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3D Graphics Improvements In Direct3D 11

Direct3D 11 addresses limitations in the performance and visual quality of today’s graphics. It supports the new and improved features for the following :

  • Use of multiple CPU cores.
  • Tessellation.
  • High-level shading language.
  • Cross-platform development with the XBox 360 platform.


Use Of Multiple CPU Cores

Direct3D 11 increases the throughput of rendering calls by distributing the application, runtime, and driver workloads across multiple cores. Parallel application threads can generate precompiled rendering commands without synchronization.

In addition, background threads can efficiently create and initialize device objects such as textures. On a multicore CPU, multithreading can significantly improve end-user frame rates and 3D graphics application performance.

The multithreading feature is also available on Direct3D 10 hardware. The Direct3D 11 runtime communicates with existing Direct3D 10 drivers to enable this feature. Although Direct3D 11 supports multithreading on all Direct3D 10 drivers, users should obtain updated Direct3D 10 drivers that are fully optimized for multithreading.



Direct3D 11 implements tessellation on the GPU to calculate a smoother curved surface from a coarse (less detailed) input patch. Tessellation subdivides each quad or triangle patch face into smaller triangular faces that better approximate the desired surface.

By using tessellation, an application can render a single model at several levels of detail, which shrinks the gap between higher quality offline content creation and faster real-time rendering. For example, a model that is far away can be rendered with low detail, but when seen up close, the same model can be refined to be smoother and more attractive, while maintaining consistent frame rates.

In effect, tessellation acts as a form of compression. The coarse base model results in faster load times from disk to main memory and from main memory to the GPU.

Direct3D 11 hardware supports tessellation of geometry and higher-order surfaces such as non-uniform rational B-spline (NURBS), N-patches, bicubic patches, and Catmull-Clark subdivision, which are used commonly used by digital content creators. Even more specifically, Direct3D 11 tessellation supports :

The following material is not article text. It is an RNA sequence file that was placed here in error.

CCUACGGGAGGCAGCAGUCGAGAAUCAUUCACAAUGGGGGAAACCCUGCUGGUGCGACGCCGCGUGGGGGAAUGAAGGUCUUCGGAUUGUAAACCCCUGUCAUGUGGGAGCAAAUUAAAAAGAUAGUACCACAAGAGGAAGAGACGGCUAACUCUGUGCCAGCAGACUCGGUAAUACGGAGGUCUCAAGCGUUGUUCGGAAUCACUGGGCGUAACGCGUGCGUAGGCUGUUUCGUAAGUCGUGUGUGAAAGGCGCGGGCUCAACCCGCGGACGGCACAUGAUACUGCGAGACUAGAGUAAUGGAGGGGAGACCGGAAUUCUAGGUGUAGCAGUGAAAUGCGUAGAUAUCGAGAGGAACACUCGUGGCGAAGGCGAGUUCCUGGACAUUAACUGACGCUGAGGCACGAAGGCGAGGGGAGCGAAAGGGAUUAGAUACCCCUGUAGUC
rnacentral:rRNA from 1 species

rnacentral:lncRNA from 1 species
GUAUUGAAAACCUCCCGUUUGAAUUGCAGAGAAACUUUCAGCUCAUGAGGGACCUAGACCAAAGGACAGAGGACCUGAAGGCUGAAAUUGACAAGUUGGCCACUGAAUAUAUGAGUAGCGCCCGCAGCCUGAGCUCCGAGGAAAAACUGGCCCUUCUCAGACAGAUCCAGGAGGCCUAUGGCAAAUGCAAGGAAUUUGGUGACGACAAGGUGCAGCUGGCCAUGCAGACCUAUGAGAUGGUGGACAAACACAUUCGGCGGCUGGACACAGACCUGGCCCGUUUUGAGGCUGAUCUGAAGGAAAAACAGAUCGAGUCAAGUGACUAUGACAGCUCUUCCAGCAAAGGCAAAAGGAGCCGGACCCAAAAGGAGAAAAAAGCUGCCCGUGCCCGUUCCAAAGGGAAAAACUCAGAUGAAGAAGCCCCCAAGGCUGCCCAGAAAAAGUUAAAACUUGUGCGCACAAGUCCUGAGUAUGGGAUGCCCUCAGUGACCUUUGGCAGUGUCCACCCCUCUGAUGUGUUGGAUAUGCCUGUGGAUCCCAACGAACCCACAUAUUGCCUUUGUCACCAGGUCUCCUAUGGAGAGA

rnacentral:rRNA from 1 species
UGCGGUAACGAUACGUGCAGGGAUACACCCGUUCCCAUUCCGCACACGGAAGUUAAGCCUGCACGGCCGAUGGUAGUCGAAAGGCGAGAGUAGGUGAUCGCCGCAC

• Triangle and quad patch primitives
  • Adaptive and/or continuous refinement of the domain topology
  • Programmable evaluation of higher-order surfaces with displacement

By using tessellation in these models, DirectX 11 enables applications to render graphics that are truer to the original artist’s creative vision.


High-Level Shading Language

The high-level shading language (HLSL) has new subroutines and better support for double-precision floating-point computation. These features provide a more expressive, more flexible programming model that enables independent software vendors (ISVs) to better express their vision in code.

Software developers sometimes design programmable shaders by combining multiple subroutines. This approach often results in a large number of custom shaders, each of which uses a combination of subroutines to realize slight variations. However, these custom shaders have the penalty of expensive state changes.

The alternate approach, sometimes called “one shader to rule them all”, uses flow control statements to choose the optimal shader. However, a single shader causes unnecessary register pressure because the compiler must allocate registers based on the worst-case path. Poor register allocation can seriously reduce runtime performance.

To address this problem, subroutines extend the Direct3D 11 runtime with a simple, expressive programming model that provides an abstract layer over the combinatoric complexity but still achieves the performance of the custom precompiled shaders. As a result, programming complexity migrates from the application level to the driver level.


Cross-Platform Development With Xbox 360

Many Direct3D 11 features also improve cross-platform development between PC games and Xbox 360 games. In particular, multithreading and tessellation use and extend the existing functionality of Xbox 360. The increased ease of cross-platform development helps vendors more easily create games that are available on both Xbox 360 and the PC.


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Windows 7 & Direct3D 10


Desktop Windows Manager (DWM)
DirectX 10-Level-9


Remote Rendering
Direct2D API


Direct3D 11 Introduction
Compute Shader


New DirectX 11 Features For The Compute Shader
   - Explicit Thread Dispatch
   - Random Access I/O (Scatter)
   - Interthread Communications That Use Locally Shared Registers
   - Ability To Read And Sample DirectX Data Objects
   - Atomic Operators On Shared Memory Locations


Supported Configurations For The Compute Shader
Target Applications For The Compute Shader


3D Graphics Improvements In Direct3D 11
   - Use of multiple CPU cores
   - Tessellation
   - High-level shading language
   - Cross-platform development with the XBox 360 platform


Additional Direct3D 11 Features
   - Improved Texture Compression
   - Shader Model 5.0
   - Stream Output Flexibility
   - Depth Buffer Capabilities


Multi-GPU Support
   - Homogenous Configurations
   - Heterogenous Configurations


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Multi-GPU & Aero Glass
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